Chinese music talent school fuels superstar dreams
By Royston Chan
SHANGHAI (Reuters) - A love for singing and a lust for stardom pushed 20-year-old Qian Yue to take a break from her university studies to learn music full time at the Lee Wei Song School of Music in Shanghai.
For almost a year, the cheerful Yunnan native from the southwestern city of Kunming has been taking a combination of voice, dancing, and keyboard lessons to fulfil her dream of becoming a singer, inspired by a recent flood of TV talent shows.
"I lived in a small place and I felt a lot of recognition when I participated in a few singing competitions," Qian said.
"I watched those talent shows in the past and I always had a favorite contestant. So after a while I thought that was quite good and I wanted to give it a try myself."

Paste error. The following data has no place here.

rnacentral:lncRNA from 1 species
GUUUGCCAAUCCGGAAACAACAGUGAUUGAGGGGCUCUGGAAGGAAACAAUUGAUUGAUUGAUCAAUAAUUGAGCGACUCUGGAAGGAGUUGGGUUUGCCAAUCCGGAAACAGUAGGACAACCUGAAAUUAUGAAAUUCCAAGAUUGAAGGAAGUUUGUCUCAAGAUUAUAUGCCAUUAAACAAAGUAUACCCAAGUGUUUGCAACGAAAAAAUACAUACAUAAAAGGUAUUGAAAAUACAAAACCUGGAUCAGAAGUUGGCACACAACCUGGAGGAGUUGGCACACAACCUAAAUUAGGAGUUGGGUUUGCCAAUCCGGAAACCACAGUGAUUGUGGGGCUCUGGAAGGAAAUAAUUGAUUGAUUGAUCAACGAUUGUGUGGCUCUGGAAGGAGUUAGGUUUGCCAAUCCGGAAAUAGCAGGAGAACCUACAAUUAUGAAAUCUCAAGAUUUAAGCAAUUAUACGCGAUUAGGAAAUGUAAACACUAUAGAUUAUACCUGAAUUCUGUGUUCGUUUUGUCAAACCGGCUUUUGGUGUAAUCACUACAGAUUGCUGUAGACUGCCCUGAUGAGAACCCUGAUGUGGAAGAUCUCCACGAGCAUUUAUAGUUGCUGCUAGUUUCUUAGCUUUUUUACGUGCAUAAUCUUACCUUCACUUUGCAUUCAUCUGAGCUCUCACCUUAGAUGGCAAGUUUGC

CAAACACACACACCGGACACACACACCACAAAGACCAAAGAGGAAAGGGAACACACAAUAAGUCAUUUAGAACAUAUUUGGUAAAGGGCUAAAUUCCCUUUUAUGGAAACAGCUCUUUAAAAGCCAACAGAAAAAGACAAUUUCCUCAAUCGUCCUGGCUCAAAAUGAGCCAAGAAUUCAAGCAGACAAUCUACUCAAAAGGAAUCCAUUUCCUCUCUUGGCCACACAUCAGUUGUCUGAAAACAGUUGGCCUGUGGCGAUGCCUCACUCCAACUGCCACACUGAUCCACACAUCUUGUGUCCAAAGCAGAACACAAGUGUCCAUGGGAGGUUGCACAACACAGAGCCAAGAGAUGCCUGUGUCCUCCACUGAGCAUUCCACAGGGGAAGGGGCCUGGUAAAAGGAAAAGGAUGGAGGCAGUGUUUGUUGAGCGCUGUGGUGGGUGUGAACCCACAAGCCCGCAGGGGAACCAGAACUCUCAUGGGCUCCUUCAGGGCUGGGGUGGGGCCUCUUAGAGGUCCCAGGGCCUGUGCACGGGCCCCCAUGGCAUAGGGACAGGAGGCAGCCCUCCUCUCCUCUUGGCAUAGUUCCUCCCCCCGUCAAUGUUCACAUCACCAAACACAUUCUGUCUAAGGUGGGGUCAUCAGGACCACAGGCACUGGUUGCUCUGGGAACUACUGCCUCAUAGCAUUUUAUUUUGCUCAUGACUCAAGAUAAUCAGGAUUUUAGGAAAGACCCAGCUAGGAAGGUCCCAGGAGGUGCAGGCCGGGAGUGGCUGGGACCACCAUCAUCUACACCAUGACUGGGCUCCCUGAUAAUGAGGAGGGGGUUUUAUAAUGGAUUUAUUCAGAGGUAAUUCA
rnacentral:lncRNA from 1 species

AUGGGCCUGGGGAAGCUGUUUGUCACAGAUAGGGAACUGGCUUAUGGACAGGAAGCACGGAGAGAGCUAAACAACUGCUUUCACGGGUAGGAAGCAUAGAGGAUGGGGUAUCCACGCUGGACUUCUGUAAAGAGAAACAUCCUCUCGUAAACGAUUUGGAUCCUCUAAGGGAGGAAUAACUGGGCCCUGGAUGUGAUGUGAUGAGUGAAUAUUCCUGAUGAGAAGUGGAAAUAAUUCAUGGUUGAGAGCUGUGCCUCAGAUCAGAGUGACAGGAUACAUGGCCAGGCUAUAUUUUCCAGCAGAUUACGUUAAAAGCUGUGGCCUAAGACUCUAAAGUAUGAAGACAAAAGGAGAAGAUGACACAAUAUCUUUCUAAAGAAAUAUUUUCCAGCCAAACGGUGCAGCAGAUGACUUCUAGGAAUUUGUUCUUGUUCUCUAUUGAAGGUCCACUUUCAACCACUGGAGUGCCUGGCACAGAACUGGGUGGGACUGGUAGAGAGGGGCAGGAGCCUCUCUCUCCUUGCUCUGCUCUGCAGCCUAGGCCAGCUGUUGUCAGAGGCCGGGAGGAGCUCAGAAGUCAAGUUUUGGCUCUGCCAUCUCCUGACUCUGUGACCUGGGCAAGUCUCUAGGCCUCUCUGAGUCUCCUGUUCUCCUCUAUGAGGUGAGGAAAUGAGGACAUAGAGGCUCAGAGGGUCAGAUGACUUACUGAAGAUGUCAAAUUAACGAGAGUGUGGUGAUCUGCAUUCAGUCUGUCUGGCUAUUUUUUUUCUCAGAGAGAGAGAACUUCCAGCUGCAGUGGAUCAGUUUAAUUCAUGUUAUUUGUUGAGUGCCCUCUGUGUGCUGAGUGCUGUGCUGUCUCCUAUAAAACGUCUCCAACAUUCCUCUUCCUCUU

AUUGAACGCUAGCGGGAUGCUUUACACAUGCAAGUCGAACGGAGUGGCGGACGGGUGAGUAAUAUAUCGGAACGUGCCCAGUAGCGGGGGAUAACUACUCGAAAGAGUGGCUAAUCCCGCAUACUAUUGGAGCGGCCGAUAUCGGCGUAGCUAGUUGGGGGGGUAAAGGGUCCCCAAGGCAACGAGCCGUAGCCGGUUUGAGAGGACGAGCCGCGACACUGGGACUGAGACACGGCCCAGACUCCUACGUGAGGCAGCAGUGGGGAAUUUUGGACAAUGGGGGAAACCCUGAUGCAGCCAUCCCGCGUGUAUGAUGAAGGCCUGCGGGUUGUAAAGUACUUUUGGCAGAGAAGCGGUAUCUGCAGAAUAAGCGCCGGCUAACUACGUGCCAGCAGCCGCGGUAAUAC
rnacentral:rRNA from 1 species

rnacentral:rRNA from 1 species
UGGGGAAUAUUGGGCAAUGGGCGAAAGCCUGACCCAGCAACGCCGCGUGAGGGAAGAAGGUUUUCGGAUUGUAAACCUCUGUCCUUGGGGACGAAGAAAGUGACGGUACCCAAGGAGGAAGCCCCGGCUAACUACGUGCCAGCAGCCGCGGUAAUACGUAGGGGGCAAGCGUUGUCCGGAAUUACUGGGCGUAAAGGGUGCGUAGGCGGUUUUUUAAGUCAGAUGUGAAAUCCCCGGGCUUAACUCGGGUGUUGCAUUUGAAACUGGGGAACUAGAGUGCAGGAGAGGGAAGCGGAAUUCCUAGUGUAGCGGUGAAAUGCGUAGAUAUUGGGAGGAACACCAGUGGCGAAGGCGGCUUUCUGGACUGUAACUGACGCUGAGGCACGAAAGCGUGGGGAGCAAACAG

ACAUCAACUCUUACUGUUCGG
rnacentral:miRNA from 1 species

Talent shows have been the rage in China since the success of the "Super Girl" national singing competition organized by Hunan satellite television from 2004.
The musical talent show was basically a Chinese copy of the popular UK show "Pop Idol" and has since spun off other forms of singing and dancing competitions on local and national TV.
The music talent school offers a full time course for its "Asian Music Artist" class, with students taking in about four hours of different classes every day including voice training, studio recording, keyboard skills and dancing.
As Qian works hard with her vocals at the recording studio in the school, more than ten other students are spread out in classrooms throughout the day, picking up the necessary repertoire in their pursuit of becoming a music artist. Continued...